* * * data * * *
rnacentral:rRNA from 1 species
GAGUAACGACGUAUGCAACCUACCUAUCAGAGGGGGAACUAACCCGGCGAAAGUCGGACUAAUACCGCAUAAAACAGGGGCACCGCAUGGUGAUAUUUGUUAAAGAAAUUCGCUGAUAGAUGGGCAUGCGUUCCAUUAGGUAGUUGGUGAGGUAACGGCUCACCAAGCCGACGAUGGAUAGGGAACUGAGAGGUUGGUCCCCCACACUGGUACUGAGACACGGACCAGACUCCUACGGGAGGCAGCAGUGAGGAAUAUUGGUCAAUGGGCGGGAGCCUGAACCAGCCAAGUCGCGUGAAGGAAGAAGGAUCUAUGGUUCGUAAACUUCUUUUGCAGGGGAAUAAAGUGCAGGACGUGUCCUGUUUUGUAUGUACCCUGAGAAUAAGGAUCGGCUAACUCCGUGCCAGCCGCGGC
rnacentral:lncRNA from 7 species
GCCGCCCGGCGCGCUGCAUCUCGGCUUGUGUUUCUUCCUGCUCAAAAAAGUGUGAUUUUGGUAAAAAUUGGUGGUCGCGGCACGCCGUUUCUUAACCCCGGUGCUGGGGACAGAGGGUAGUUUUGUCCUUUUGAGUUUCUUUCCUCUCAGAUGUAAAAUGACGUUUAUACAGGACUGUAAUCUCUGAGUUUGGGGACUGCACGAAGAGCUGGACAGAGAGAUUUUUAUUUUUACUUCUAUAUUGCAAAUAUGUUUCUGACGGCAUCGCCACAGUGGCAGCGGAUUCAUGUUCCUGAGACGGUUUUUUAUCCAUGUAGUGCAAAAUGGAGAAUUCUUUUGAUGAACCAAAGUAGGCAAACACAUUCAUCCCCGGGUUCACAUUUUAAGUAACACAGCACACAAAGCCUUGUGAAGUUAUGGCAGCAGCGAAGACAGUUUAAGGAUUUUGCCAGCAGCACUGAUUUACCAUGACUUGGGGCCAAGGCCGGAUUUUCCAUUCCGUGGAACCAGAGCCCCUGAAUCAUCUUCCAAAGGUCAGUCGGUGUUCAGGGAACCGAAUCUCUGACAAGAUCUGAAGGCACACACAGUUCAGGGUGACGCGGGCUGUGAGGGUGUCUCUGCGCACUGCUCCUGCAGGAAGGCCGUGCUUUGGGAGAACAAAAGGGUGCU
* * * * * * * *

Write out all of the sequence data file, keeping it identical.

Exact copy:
rnacentral:rRNA from 1 species
GAGUAACGACGUAUGCAACCUACCUAUCAGAGGGGGAACUAACCCGGCGAAAGUCGGACUAAUACCGCAUAAAACAGGGGCACCGCAUGGUGAUAUUUGUUAAAGAAAUUCGCUGAUAGAUGGGCAUGCGUUCCAUUAGGUAGUUGGUGAGGUAACGGCUCACCAAGCCGACGAUGGAUAGGGAACUGAGAGGUUGGUCCCCCACACUGGUACUGAGACACGGACCAGACUCCUACGGGAGGCAGCAGUGAGGAAUAUUGGUCAAUGGGCGGGAGCCUGAACCAGCCAAGUCGCGUGAAGGAAGAAGGAUCUAUGGUUCGUAAACUUCUUUUGCAGGGGAAUAAAGUGCAGGACGUGUCCUGUUUUGUAUGUACCCUGAGAAUAAGGAUCGGCUAACUCCGUGCCAGCCGCGGC
rnacentral:lncRNA from 7 species
GCCGCCCGGCGCGCUGCAUCUCGGCUUGUGUUUCUUCCUGCUCAAAAAAGUGUGAUUUUGGUAAAAAUUGGUGGUCGCGGCACGCCGUUUCUUAACCCCGGUGCUGGGGACAGAGGGUAGUUUUGUCCUUUUGAGUUUCUUUCCUCUCAGAUGUAAAAUGACGUUUAUACAGGACUGUAAUCUCUGAGUUUGGGGACUGCACGAAGAGCUGGACAGAGAGAUUUUUAUUUUUACUUCUAUAUUGCAAAUAUGUUUCUGACGGCAUCGCCACAGUGGCAGCGGAUUCAUGUUCCUGAGACGGUUUUUUAUCCAUGUAGUGCAAAAUGGAGAAUUCUUUUGAUGAACCAAAGUAGGCAAACACAUUCAUCCCCGGGUUCACAUUUUAAGUAACACAGCACACAAAGCCUUGUGAAGUUAUGGCAGCAGCGAAGACAGUUUAAGGAUUUUGCCAGCAGCACUGAUUUACCAUGACUUGGGGCCAAGGCCGGAUUUUCCAUUCCGUGGAACCAGAGCCCCUGAAUCAUCUUCCAAAGGUCAGUCGGUGUUCAGGGAACCGAAUCUCUGACAAGAUCUGAAGGCACACACAGUUCAGGGUGACGCGGGCUGUGAGGGUGUCUCUGCGCACUGCUCCUGCAGGAAGGCCGUGCUUUGGGAGAACAAAAGGGUGCU